Norgard: The Will-o'-the - Wisps Go To Town / Sorensen: The Little Mermaid

Release Date: 8/29/2006
Label: Marco Polo
Catalog Number: 8226046
Conductor: Thomas Dausgaard
Number of Discs: 1

Physical Format:

In Stock
Notes and Editorial Reviews
Per Nørgård (b. 1932) and Bent Sørensen (b. 1958) wrote these works as contributions to Denmark’s celebration of the 200th anniversary of the birth of Hans Christian Andersen. Both are modern fairy-tales bearing some resemblance to tales written by Andersen. Nørgård’s is the longer, taking about 40 minutes; Sørensen’s, obviously, is close to 27. Both combine a pessimistic outlook with an avant-garde (for the last 100 years) confusion of voices and points of view; whether this does justice to the memory and appreciation of Andersen I am not qualified to say, but neither of these gloomy pieces seems to be celebrating anything other than the talents of the composers, performers, and recording technicians.

There is no denying that these composers deserve their international reputations, and have given much of their best contemporary music to these scores. Thomas Dausgaard, as usual, conducts with conviction and draws superb performances from soloists, choruses, and instrumentalists. The head-note above, like the list of performers with the compact disc, does not specify who the soloists and choruses are in each piece. We are informed and certainly hear that The Little Mermaid is scored for soprano, tenor, girls’ choir, and orchestra. I am going to guess that the soprano here, the best on the disc, is Inger Dam-Jensen, because she has such impressive credentials. There is no need to guess the chorus: this is the Danish National Girls’ Choir, Michael Bojeson, conductor. That leaves the longer and larger piece, The Will-o’-the-Wisps Go to Town, to employ the following: Ars Nova Copenhagen, “one of Scandinavia’s leading vocal ensembles in the field of the polyphonic choral music of the Renaissance and contemporary vocal music,” currently led by Paul Hillier; Sun & Moon (Sol og Mån) “an ad-hoc percussion ensemble started by Per Nørgård and Ivan Hansen at the beginning of the 1980s”; and The Danish National Children’s Choir (ages 9–11) plus the Danish National Junior Choir (ages 12–15), both conducted by Susanne Wendt. All these choirs are supported by a school operated by and for the Danish Radio. One should also credit the fine narrator-protagonist, Jens Albinus, who treats us to many spoken words, all in Danish. He speaks about, and also impersonates the author of fairy-tales who has always waited for them to come to his house, but finally goes forth into the world when their visits cease, and winds up listening to the imprecations of the Marsh-Witch (sung splendidly by Helene Gjerris). She hopes to unleash her will-o-the-wisps on the nearby city for a year, and seems overjoyed at all the mischief they will do. However, in the words of the lucid explanatory notes, “they are no match at all today for the dumbing-down the town already exhibits.”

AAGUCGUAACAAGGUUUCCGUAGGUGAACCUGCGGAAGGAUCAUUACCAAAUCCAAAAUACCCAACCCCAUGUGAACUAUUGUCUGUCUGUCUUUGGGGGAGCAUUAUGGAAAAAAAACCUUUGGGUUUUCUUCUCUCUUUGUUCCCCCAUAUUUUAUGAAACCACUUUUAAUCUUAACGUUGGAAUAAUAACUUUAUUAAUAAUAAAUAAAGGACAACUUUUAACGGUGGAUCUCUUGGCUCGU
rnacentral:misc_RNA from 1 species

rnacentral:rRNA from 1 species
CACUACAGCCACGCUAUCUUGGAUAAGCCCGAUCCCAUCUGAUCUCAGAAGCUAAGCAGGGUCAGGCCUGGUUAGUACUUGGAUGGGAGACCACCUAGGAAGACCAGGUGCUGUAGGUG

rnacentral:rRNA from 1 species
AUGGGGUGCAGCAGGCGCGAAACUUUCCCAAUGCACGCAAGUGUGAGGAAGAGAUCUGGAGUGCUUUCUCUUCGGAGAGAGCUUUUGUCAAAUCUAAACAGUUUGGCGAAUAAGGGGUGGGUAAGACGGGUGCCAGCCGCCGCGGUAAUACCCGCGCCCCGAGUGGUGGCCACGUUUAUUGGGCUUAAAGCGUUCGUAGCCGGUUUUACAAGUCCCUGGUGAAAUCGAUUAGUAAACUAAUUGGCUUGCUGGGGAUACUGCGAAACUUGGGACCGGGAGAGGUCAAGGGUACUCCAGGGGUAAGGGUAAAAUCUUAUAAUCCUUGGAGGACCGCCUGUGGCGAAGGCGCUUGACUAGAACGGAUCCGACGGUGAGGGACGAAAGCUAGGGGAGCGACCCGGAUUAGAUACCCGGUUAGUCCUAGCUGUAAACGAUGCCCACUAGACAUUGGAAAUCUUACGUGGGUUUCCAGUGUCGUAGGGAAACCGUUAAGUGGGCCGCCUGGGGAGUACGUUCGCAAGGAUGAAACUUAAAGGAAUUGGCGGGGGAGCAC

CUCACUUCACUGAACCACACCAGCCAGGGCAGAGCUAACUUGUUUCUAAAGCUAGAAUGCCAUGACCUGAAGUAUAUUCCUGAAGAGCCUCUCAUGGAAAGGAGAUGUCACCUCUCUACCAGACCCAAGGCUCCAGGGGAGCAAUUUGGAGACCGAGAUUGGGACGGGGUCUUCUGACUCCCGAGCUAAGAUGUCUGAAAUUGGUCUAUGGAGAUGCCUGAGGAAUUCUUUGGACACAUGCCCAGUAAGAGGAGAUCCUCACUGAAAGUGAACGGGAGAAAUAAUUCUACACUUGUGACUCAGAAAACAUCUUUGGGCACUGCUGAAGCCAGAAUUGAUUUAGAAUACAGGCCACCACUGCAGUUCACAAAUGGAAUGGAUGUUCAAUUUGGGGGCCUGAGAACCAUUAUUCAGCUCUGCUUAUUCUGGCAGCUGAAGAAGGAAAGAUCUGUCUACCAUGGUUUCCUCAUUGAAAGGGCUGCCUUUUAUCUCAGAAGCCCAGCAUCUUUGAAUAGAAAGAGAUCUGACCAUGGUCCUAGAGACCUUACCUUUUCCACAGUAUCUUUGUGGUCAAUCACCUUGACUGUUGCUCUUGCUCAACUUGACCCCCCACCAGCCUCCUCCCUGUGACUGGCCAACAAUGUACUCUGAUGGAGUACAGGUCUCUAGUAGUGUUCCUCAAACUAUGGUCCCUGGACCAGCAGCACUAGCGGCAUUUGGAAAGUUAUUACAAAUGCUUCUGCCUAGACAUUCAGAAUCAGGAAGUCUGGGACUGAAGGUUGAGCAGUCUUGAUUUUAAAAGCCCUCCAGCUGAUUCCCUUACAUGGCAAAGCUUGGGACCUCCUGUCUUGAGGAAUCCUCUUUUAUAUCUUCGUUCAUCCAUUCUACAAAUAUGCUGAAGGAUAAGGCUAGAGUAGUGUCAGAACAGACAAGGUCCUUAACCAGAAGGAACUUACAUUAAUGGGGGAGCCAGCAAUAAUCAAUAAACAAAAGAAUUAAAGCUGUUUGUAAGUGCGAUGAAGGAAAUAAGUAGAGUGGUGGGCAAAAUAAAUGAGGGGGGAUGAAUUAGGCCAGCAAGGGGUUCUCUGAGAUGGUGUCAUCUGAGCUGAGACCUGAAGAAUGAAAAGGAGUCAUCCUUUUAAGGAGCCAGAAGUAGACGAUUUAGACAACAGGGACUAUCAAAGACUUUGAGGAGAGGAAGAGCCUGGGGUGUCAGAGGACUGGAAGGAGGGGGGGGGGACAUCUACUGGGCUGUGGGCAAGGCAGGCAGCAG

Dacapo packages the disc with a handsomely printed 88-page booklet, with notes and complete texts in Danish, English, and German. Strongly recommended for those who enjoy sophisticated Scandinavian gloom and exceptionally fine contemporary music.

FANFARE: Robert McColley
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